If Saudi Arabia were to accept the conventional wisdom among western leaders that Iran’s influence in the region is greatly exaggerated, then it exposes itself to the same violence we now see in Iraq, Syria and Libya. Not only is the threat of sectarian violence real but if left unchecked by the Saudi government, sectarianism will further collapse into tribal warfare to settle old scores. If Saudi Arabia stood by and did nothing to curb Iran’s misadventures, then the region will lose its leader and threaten the civilian population in every country from Morocco to Qatar and Lebanon to Yemen. It will lead to a catastrophic war that will leave no winners.
To protect its own interests Saudi Arabia is protecting the interests of the region. The execution of Al-Nimr was necessary to preserve peace in the Kingdom and ultimately to save lives. It was not an act of provocation, but justice. Tehran should recognize that we would never relinquish our sovereignty at any level or allow threats to the sovereignty of our peaceful neighbors. Providing funding to nations, no matter whether their governments are weak, to incite revolution is a gross violation of those countries’ sovereignty. To ignore these intrusions is negligent. Saudi Arabia has an obligation to protect itself and its neighbors from external influences.

A bitter pill for a better future

The re-cent hike in gasoline prices in Saudi Arabia — up to 67 percent for some grades of fuel — came as a shock to many Saudis. But it shouldn’t.
Pretty much since the 1970s, Saudis have been given a free ride when it comes to fuel prices. While Europe and the United States have paid a premium at the fuel pumps we have been paying a few halalas to drive around. Now gasoline prices in the Kingdom are about $1 per gallon. In England it’s about $5.40 a gallon, and in the US gasoline prices average about $2 a gallon depending on the region.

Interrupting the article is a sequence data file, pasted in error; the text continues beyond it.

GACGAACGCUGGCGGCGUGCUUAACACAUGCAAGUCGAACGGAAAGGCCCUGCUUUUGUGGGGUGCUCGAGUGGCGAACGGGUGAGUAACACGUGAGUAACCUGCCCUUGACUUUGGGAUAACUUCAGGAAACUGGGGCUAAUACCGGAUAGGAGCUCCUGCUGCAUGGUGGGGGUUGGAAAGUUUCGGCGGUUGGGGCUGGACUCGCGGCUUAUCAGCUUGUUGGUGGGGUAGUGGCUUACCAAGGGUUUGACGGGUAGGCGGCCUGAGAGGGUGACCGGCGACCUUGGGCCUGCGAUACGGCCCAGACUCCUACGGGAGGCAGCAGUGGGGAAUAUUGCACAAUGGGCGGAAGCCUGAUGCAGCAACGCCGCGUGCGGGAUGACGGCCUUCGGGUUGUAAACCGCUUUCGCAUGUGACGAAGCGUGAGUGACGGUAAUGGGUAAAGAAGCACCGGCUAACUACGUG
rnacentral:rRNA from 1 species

We are witnessing an end of an era in Saudi Arabia in which dependency on the government and the economic model that Saudi citizens have become accustomed to is changing rapidly. Many Saudis see this with an attitude of doom and gloom while many others view the transformation as a challenge to emerge from our four-decade-old lethargy.
Of course, much of the changes are directly linked to low oil prices, but it has been expected in the last decade as Saudi Arabia pursued projects to generate nonoil revenue. Those generous government subsidies had to end some day. The first hint occurred in the 1990s with Saudization to provide Saudis with jobs, particularly in the private sector. The indirect message was that the government jobs would not always be available to young Saudis.
Half of the Saudi population is now under the age of 25 and must find employment. Women are entering the workforce in large numbers after earning university degrees abroad and have high expectations of good salaries, positions of authority and good working conditions. The Ministry of Labor has been making efforts to reduce the country’s dependency on foreign labor, although getting Saudis to accept jobs that include manual labor remains to be a tough nut to crack. There has been tremendous success in getting more Saudis into the workplace with bank jobs for men and women and the thousands of jobs now available for young women in the retail sector.
So the signs have been obvious for a long time. Although the government may impose harsh penalties on businesses that pass the additional costs to the Saudi consumer, it’s inevitable that food, services and public transportation — such as it is — will increase over the next year. This will further force Saudis to seek to increase their income. Although there is no indication as of yet, some economic experts expect free education and free health care to Saudis may also be reconsidered. These benefits, however, are what make Saudi Arabia a great nation. But there is a caveat. The public education system needs a desperate overhaul if Saudis are to be competitive in the global workplace. The Ministry of Education must set its sights on a workable model that gives young people a global view with an emphasis on science and technology.
The ministry also must consider reestablishing humanities and arts curriculum that will help Saudis better connect with individuals from different faiths and different walks of life. By stripping ourselves of our tendency to live in an insular, highly private world, young Saudis will become more competitive in the domestic and international job market with fewer expectations of government handouts. If the government removes some of the safety nets that many Saudis have come to expect as their entitlement they will be put in a position to flourish.

Poor safety culture

The other day, I visited a friend at one of the five-star hotels in Jeddah. Suddenly, the hotel management announced that it would conduct a fire drill and urged its guests to evacuate the building as part of the drill.
The curious thing about the announcement was that although it described the fire drill as voluntary, management would forcefully enter any hotel room, which the guests did not evacuate. The reasoning was that in the event of a real emergency, Civil Defense teams would naturally break into rooms to rescue guests.